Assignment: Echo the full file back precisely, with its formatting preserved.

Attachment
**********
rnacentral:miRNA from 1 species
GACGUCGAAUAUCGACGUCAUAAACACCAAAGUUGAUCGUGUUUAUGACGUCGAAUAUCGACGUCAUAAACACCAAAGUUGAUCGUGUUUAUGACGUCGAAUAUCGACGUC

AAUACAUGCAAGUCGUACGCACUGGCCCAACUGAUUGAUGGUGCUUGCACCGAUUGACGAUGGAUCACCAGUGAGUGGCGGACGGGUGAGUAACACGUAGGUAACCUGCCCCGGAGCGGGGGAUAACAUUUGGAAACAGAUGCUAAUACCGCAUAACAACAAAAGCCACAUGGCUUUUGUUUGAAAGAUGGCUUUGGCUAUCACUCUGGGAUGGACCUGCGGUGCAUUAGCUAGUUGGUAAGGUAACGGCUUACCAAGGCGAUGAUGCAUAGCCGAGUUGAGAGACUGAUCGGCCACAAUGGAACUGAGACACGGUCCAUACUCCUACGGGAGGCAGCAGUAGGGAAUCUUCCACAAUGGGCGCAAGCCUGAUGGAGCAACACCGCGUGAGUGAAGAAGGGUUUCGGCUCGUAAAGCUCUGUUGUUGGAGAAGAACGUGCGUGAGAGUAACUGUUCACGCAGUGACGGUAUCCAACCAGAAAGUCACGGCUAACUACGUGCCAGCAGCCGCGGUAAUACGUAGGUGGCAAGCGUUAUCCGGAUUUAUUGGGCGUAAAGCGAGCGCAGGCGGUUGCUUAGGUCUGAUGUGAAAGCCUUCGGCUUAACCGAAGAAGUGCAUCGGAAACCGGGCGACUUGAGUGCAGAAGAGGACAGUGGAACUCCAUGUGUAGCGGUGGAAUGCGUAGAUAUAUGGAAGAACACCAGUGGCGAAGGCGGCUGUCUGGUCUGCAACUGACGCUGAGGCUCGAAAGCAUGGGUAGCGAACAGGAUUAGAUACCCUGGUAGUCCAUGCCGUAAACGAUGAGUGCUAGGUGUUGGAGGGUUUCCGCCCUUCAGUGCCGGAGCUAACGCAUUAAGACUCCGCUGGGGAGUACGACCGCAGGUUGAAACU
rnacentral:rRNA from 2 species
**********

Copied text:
rnacentral:miRNA from 1 species
GACGUCGAAUAUCGACGUCAUAAACACCAAAGUUGAUCGUGUUUAUGACGUCGAAUAUCGACGUCAUAAACACCAAAGUUGAUCGUGUUUAUGACGUCGAAUAUCGACGUC

AAUACAUGCAAGUCGUACGCACUGGCCCAACUGAUUGAUGGUGCUUGCACCGAUUGACGAUGGAUCACCAGUGAGUGGCGGACGGGUGAGUAACACGUAGGUAACCUGCCCCGGAGCGGGGGAUAACAUUUGGAAACAGAUGCUAAUACCGCAUAACAACAAAAGCCACAUGGCUUUUGUUUGAAAGAUGGCUUUGGCUAUCACUCUGGGAUGGACCUGCGGUGCAUUAGCUAGUUGGUAAGGUAACGGCUUACCAAGGCGAUGAUGCAUAGCCGAGUUGAGAGACUGAUCGGCCACAAUGGAACUGAGACACGGUCCAUACUCCUACGGGAGGCAGCAGUAGGGAAUCUUCCACAAUGGGCGCAAGCCUGAUGGAGCAACACCGCGUGAGUGAAGAAGGGUUUCGGCUCGUAAAGCUCUGUUGUUGGAGAAGAACGUGCGUGAGAGUAACUGUUCACGCAGUGACGGUAUCCAACCAGAAAGUCACGGCUAACUACGUGCCAGCAGCCGCGGUAAUACGUAGGUGGCAAGCGUUAUCCGGAUUUAUUGGGCGUAAAGCGAGCGCAGGCGGUUGCUUAGGUCUGAUGUGAAAGCCUUCGGCUUAACCGAAGAAGUGCAUCGGAAACCGGGCGACUUGAGUGCAGAAGAGGACAGUGGAACUCCAUGUGUAGCGGUGGAAUGCGUAGAUAUAUGGAAGAACACCAGUGGCGAAGGCGGCUGUCUGGUCUGCAACUGACGCUGAGGCUCGAAAGCAUGGGUAGCGAACAGGAUUAGAUACCCUGGUAGUCCAUGCCGUAAACGAUGAGUGCUAGGUGUUGGAGGGUUUCCGCCCUUCAGUGCCGGAGCUAACGCAUUAAGACUCCGCUGGGGAGUACGACCGCAGGUUGAAACU
rnacentral:rRNA from 2 species